Conjugial (marriage) love


[1 of 2] Swedenborg (1688-1772, Sweden): primary subject "Love, conjugial (marriage)" (search under Inner Life/Love, Positive Emotion, Virtue, Will)": source "Conjugial Love": detail "Section 155*"
I replied, "Tell me, I pray, something respecting the delights of conjugial love."
 The husbands assented, saying, "If you are so disposed, give them some information in regard to those delights: their ears are chaste."
 They asked me, “Who taught you to question us respecting the delights of that love? Why did you not question our husbands?"
 I replied, “This angel, who accompanies me, informed me that wives are the recipients and sensories of those delights, because they are born loves; and all delights are of love."
 To this they replied with a smile, "Be prudent, and declare nothing of this sort except ambiguously; because it is a wisdom deeply seated in the hearts of our sex, and is not discovered to any husband, unless he be principled in love truly conjugial. There are several reasons for this, which we keep entirely to ourselves."
 Then the husbands said, “Our wives know all the states of our minds, none of which are hid from them: they see, perceive, and are sensible of whatever proceeds from our will. We, on the other hand, know nothing of what passes with our wives. This faculty is given to wives, because they are most tender loves, and as it were burning zeals for the preservation of friendship and conjugial confidence, and thereby of all the happiness of life, which they carefully attend to, both in regard to their husbands and themselves, by virtue of a wisdom implanted in their love, which is so full of prudence, that they are unwilling to say, and consequently cannot say, that they love, but that they are loved."
 I asked the wives, "Why are you unwilling, and consequently cannot say so?"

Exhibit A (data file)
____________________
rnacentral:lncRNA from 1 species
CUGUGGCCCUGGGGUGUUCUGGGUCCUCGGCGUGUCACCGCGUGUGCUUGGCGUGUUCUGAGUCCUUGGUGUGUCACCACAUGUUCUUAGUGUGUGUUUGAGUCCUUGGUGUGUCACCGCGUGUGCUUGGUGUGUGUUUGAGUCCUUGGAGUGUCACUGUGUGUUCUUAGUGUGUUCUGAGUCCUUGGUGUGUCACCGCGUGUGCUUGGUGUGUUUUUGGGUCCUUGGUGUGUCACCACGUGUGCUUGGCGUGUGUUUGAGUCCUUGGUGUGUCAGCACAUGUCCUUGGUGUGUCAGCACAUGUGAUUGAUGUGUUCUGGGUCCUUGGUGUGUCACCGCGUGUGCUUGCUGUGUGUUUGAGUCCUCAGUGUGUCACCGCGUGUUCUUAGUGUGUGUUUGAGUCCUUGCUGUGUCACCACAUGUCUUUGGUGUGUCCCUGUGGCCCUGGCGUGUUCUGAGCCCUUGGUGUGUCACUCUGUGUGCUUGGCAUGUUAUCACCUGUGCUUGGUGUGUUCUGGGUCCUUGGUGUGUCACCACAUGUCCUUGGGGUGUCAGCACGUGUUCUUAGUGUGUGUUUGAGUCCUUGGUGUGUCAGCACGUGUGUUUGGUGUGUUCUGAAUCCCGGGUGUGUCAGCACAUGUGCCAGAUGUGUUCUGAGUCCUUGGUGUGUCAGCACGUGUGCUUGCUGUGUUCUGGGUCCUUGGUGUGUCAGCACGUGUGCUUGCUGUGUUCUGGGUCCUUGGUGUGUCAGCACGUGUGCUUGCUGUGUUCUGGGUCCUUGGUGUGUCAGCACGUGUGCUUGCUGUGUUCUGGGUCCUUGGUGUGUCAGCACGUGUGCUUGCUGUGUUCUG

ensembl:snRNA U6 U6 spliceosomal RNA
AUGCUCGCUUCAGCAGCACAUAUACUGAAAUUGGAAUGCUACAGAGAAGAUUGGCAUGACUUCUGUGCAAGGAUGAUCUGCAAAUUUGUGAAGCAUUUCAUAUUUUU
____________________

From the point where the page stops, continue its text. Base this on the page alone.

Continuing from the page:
They replied, "If the least hint of the kind were to escape from the mouth of a wife, the husband would be seized with coolness, which would entirely separate him from all communication with his wife, so that he could not even bear to look upon her; but this is the case only with those husbands who do not hold marriages to be holy, and therefore do not love their wives from spiritual love: it is otherwise with those who do. In the minds of the latter this love is spiritual, and by derivation thence in the body is natural. We in this hall are principled in the latter love by derivation from the former; therefore we trust our husbands with our secrets respecting our delights of conjugial love."
 Then I courteously asked them to disclose to me some of those secrets: they then looked towards a window on the southern quarter, and lo! there appeared a white dove, whose wings shone as if they were of silver, and its head was crested with a crown as of gold: it stood upon a bough, from which there went forth an olive; and while it was in the attempt to spread out its wings, the wives said, "We will communicate something: the appearing of that dove is a token that we may. Every man," they continued, "has five senses, seeing, hearing, smelling, taste, and touch; but we have likewise a sixth, which is the sense of all the delights of the conjugial love of the husband; and this sense we have in the palms of our hands, while we touch the breasts, arms, hands, or cheeks, of our husbands, especially their breasts; and also while we are touched by them. All the gladness and pleasantness of the thoughts of their minds, all the joys and delights of their minds, and all the festive and cheerful principles of their bosoms, pass from them to us, and become perceptible, sensible, and tangible: we discern them as exquisitely and distinctly as the ear does the tune of a song, and the tongue the taste of dainties; in a word, the spiritual delights of our husbands put on with us a kind of natural embodiment; therefore they call us the sensory organs of chaste conjugial love, and thence its delights. But this sixth sense of ours exists, subsists, persists, and is exalted in the degree in which our husbands love us from wisdom and judgement, and in which we in our turn love them from the same principles in them. This sense in our sex is called in the heavens the sport of wisdom with its love, and of love with its wisdom."